Fraud (noun) A deception deliberately practiced in order to secure unfair or unlawful gain. The Frauds (noun) An indie quartet from Baltimore, Maryland whose sound is characterized by driving melodic guitars, three part vocal harmony, and balls to the wall rock. The Frauds debut album is a great slice of indie rock served with a side of power pop. This band really delivers the goods on this fantastic record, the goods being some really fantastic and melodic guitar work that is reminiscent of New Pornographers and Superdrag.

But not every song is sweet and sugary, a perfect mix so you don’t spoil your dinner. The opening track, “The Church of Seduction & The Republic of Business” doesn’t wait around to get the show going. After a quick sound bite convicting the listener of “Assholeism,” the track blasts forward with a chugging guitar line. The chorus of the song utilizes a fantastic cascading guitar line that leaps out at the listener like a surprise birthday party. This track helps setup the shape of the album and allows the listener to experience the colors that The Frauds are painting with. Another standout track is the very power pop oriented track “Fade Away.” The album was produced by Rick Bowman and EJ Emerson, two members of the group.

The production allows the group to come alive on the album. Each track is recorded with just the right mix allowing the vocal harmonies, guitar lines, bass riffs, and drum tracks to be heard clear as day. Fans of Superdrag, New Pornographers, Early Weezer, The Shins, and good music in general, will want to run to their local music store and demand a copy ofThe Frauds. – Andrew Haines


BabySue Online
The Frauds - The Frauds (CD, High Wire Music / Fontana / Orange, Rock)

As soon as we heard Divine's unmistakable voice proclaim "You stand convicted of ASSHOLISM!" at the beginning of this album, we knew the guys in this Baltimore quartet had their hearts in the right place. Rather than being the least bit fraudulent, the guys in this band play straightforward melodic rock with plenty of honest punchy hooks and infectious enthusiasm.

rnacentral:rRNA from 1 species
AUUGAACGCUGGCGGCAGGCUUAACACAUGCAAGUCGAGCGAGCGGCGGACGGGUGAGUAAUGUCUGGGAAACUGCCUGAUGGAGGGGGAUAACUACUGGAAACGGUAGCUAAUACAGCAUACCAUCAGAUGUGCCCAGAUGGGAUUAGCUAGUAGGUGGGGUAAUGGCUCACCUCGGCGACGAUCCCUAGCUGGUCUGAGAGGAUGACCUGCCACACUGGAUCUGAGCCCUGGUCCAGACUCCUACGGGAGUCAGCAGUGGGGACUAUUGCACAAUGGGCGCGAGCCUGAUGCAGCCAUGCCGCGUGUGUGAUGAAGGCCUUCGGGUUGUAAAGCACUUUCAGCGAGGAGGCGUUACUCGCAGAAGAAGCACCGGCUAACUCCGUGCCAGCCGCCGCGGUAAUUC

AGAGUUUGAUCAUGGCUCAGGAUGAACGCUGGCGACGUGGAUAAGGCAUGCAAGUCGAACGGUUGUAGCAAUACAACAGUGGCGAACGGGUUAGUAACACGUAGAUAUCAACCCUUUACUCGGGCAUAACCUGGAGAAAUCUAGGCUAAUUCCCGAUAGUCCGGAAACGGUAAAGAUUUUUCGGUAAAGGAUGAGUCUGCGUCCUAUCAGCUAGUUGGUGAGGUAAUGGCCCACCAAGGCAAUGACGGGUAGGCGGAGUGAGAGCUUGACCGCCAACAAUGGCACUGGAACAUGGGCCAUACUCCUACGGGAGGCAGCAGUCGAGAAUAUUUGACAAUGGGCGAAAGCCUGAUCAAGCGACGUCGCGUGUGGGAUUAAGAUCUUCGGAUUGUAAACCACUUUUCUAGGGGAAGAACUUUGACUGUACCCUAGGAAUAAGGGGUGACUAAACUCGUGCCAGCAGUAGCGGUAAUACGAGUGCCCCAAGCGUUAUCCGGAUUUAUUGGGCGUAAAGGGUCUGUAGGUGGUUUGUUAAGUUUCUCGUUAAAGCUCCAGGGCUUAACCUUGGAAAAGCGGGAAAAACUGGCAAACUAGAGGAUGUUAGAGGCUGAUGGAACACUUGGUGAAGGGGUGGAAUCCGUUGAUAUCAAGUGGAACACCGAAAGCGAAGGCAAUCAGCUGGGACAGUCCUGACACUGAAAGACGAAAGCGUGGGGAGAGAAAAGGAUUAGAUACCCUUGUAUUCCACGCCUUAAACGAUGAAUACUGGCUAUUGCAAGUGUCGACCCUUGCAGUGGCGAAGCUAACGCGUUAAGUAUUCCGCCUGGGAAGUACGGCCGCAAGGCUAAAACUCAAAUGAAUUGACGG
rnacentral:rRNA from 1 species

Unlike many rock bands who play with such force that the songs get lost, these gentlemen have the good sense to keep things under control so that they can get their point across. And get their point across they do during the course of this intensely satisfying sixteen track album. To put it simply...we don't often come across debuts this good. Purely entertaining tracks include "The Church of Seduction & The Republic of Business," "American To Pass Away," "Two Pasadena," "Stare," and "I Don't Wanna Know." Great music from a great new band. Recommended. (Rating: 5++)

Not Lame Review:
2007 release from a band whose self-titled debut was one of our more favorite records of 2005. Now, with “Hiding Out Loud” comes the follow up. This has a bit more edge and rock ‘n roll spirit than the debut but they don’t lose the melodies or hooks and that is more than A-OK to these ears. Stacks of refreshing, slippery hooks, sugary subversive melodies inside the rocking guitar lines all over the place, all wrapped up in a `could be huge playing in arenas in that alternate musical universe so many of us rhasodize over-a-few-beers.` Brimming with great, memorable song after song. These `frauds` are the real deal and about as authentic as it gets.

Solid, meaty, no-frills songs with mucho pompy pop with rock attitude, big guitar lines and riffs, gritty vocals and melodies up the gazoo! Not merely the sum of their influences but authentic slab of real rock ‘n roll with a pop center. This the real deal when comes to combining the ‘power’ and ‘pop’ in ‘power pop’. Yes, it’s one of those ‘unavoidable’ Extremely Highly Recommended releases!